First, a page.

Thursday, November 18, 2004

Suckers for morsels of national pride
I never quite understood our national preoccupation with stacking up national pride points from relatively minor and personal achievements of our fellow citizens. Take the case of Faye, who allegedly won in a quiz in Australia despite receiving no support from the Philippines whatsoever. Extemporaneous speaker Patricia Evangelista, whose English was praised by the British stiff upper lips (and thereby confirming that we brown monkeys can also speak the Queen's language), brought Faye's case of lack of publicity to the fleeceable bourgeoisie of our sorry republic, who, it must be said, still yearn for the imprimatur of the superior WASPs more than half a century since national independence.

Yes, it's nice that some of our countrymen win in student competitions abroad from time to time, but they should not expect to end up front page everytime, that the whole country would go gaga over them--as in the case of Ms. Evangelista, who was asked everywhere she went to re-deliver her "extemporaneous" speech on cue like a pretty parrot. (The first time I heard Ms. Evangelista "extemporaneously" deliver her piece on tv about how she dreamed of blue eyes, the first thought I had in mind was how similar her opening lines were to the opening passages of Toni Morrison's Blue Eyes.)

I find these ephemeral celebrations of national pride obscene. Are we this devoid of sources of national pride that we must hitch our national wagon to every student star who has won an international prize, however minor or, in the case of Faye, illusory it may be?

Let's admit it: We are all like Faye's delusional mother. She wanted to get back at her husband so she invented the story of her daughter's achievement; we want to feel good about ourselves so we go ecstatic at the news of every international contest result. This episode should teach us all a lesson, to put things into proper perspective. All the student prizes in the world will not compel the world to treat us as equals when we have a president who kisses white ass.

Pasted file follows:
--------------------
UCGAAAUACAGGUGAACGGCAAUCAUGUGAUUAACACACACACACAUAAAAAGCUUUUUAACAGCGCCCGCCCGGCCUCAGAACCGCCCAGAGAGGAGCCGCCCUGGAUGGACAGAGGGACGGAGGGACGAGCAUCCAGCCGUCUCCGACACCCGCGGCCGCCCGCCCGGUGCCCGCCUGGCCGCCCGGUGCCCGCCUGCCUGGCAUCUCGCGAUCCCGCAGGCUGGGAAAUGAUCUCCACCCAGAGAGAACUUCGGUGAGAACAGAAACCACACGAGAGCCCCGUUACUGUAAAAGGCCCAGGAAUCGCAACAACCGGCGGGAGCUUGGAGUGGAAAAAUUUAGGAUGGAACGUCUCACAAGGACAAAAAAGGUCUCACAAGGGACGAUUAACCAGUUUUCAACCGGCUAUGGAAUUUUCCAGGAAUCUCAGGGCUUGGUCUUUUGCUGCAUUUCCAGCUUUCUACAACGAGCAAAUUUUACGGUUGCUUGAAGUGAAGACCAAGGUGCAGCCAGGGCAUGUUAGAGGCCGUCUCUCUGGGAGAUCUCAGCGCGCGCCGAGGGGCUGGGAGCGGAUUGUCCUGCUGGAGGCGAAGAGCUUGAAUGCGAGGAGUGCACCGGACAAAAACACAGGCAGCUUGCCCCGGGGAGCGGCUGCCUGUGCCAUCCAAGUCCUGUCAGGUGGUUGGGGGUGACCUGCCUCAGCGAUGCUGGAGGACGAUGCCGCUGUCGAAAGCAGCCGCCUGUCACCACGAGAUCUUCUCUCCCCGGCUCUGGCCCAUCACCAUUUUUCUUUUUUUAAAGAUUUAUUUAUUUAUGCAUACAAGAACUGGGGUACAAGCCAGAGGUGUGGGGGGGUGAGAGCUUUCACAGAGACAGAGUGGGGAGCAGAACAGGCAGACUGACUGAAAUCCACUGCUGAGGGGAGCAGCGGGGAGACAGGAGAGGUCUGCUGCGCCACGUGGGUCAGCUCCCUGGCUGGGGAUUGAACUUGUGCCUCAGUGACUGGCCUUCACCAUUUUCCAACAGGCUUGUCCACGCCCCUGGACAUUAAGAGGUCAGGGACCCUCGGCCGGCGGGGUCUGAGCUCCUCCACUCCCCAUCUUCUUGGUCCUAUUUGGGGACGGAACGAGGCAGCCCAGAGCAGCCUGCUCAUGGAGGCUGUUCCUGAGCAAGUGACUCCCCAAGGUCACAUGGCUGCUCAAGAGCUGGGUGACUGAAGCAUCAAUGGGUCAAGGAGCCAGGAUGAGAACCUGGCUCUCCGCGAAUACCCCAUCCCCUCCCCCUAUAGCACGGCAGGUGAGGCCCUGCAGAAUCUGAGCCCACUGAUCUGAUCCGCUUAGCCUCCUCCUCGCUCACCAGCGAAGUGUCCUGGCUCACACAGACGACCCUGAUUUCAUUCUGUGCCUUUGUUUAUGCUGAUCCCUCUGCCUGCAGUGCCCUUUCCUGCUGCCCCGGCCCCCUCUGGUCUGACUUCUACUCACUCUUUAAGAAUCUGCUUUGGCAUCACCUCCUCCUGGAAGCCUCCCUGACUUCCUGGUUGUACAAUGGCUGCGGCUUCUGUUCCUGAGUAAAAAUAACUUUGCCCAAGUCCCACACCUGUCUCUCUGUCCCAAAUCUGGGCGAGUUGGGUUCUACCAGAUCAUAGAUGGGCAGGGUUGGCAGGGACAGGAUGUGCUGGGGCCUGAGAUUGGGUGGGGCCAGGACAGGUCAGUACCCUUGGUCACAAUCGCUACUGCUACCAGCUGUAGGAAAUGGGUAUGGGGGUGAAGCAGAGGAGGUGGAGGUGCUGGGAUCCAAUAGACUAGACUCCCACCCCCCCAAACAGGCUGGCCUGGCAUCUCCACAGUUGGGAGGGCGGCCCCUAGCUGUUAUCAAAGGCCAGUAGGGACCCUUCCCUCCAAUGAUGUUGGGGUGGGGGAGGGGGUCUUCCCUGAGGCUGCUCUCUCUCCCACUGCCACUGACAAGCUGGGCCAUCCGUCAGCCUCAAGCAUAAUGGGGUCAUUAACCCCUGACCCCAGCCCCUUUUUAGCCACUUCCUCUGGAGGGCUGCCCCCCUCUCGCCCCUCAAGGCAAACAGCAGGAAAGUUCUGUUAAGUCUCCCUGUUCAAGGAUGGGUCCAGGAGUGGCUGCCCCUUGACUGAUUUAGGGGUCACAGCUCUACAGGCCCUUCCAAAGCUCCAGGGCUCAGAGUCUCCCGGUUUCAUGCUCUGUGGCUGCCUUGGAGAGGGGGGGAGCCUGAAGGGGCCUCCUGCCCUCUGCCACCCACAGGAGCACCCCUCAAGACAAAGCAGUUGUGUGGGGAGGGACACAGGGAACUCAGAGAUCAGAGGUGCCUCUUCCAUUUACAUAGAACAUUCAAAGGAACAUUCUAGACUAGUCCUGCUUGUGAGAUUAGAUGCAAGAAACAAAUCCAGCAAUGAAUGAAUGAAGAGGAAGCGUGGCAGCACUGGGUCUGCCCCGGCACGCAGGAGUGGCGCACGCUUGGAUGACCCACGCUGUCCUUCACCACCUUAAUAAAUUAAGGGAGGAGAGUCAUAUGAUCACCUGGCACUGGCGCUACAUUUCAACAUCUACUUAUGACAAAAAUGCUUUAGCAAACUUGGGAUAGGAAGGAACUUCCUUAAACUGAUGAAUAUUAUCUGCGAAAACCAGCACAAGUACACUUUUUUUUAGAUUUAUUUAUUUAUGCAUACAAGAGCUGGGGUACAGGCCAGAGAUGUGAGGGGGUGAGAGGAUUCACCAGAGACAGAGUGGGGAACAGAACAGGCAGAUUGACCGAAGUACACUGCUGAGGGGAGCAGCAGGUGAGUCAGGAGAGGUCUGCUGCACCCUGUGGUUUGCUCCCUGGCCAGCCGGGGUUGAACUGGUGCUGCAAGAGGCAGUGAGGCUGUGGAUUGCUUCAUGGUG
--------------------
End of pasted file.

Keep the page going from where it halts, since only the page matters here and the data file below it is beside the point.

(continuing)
R. O. said...

I take it as a measure of our national depression. We are that depressed to cling to anything, no matter how trivial it may seem. This is not the first time. Remember the national celebration after Lea Salonga snagged that Miss Saigon role? It was a celebration at a time when Filipinas were looked down upon as domestic helpers, at a time of Flor Contemplacion-like sagas.

I'd rather have that kind of opium than nothing at all.

Ronnel said...

But then again Lea Salonga won a Tony award for it.

Lucia said...

i believe its more of a symptom of the Filipino's convoluted search for an identity, any identity that will somehow make himself feel better.